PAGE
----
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Genet Composition of Diphasiastrum complanatum in Western Hungary: A Case Study
Ágnes Major and Péter Ódor
American Fern Journal
Vol. 89, No. 2 (Apr. - Jun., 1999), pp. 106-123
Published by: American Fern Society
Stable URL: http://www.jstor.org/stable/1547345
Page Count: 18
You can always find the topics here!Topics: Ferns, Population genetics, Genetic loci, Genotypes, Genetics, Plants, Odors, Autocorrelation, Population growth, Gametophytes
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The study includes an investigation of the genetic composition of a marginal ground pine (Diphasiastrum complanatum) population consisting of patches of different size. The genetic analysis was performed on the basis of 15 isozyme loci. The proportion of polymorphic loci was P=0.466; the sampled 38 ramets were classified into 21 multilocus genotypes (genets); Pielou's clonal diversity index was D=0.898. Wright's fixation indices over polymorphic loci were -0.076 (0.063) and -0.026 (0.091) at the ramet and genet-level, respectively. The observed and expected ramet-level and genet-level average heterozygosities were not significantly different in spite of the fact that at some loci genotype numbers significantly differed from Hardy-Weinberg proportions. Principal coordinates analysis revealed that the genetic composition of the genets was independent in all but one patch, and spatial autocorrelation analysis revealed significant spatial genetic structure. No individual with homozygous genotypes at all loci was observed, indicating a lack of intragametophytic selfing. Results clearly showed that in addition to clonal growth, sexual reproduction played a substantial role in the establishment and maintenance of the study population at the boundary of the species' distribution, and indicated the importance of microsite conditions.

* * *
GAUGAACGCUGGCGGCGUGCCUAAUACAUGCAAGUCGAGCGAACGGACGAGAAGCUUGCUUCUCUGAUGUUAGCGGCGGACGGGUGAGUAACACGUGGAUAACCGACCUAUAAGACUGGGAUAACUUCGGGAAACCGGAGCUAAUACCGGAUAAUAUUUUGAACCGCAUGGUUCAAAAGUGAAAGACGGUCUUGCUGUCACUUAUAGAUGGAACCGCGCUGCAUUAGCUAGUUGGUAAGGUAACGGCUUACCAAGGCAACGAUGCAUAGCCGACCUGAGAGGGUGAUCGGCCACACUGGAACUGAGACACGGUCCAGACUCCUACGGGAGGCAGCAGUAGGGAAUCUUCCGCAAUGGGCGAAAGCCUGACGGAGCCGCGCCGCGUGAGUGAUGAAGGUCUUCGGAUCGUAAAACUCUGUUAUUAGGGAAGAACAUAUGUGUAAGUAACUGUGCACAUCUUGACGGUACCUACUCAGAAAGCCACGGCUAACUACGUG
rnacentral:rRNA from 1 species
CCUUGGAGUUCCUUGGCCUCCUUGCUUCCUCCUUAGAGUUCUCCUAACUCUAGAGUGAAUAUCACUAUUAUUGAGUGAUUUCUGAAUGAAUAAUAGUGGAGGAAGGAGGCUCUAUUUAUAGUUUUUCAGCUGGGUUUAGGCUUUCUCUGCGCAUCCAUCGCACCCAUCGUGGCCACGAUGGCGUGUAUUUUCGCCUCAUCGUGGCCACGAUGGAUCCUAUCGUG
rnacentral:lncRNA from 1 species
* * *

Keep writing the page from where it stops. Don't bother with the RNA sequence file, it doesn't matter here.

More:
American Fern Journal © 1999 American Fern Society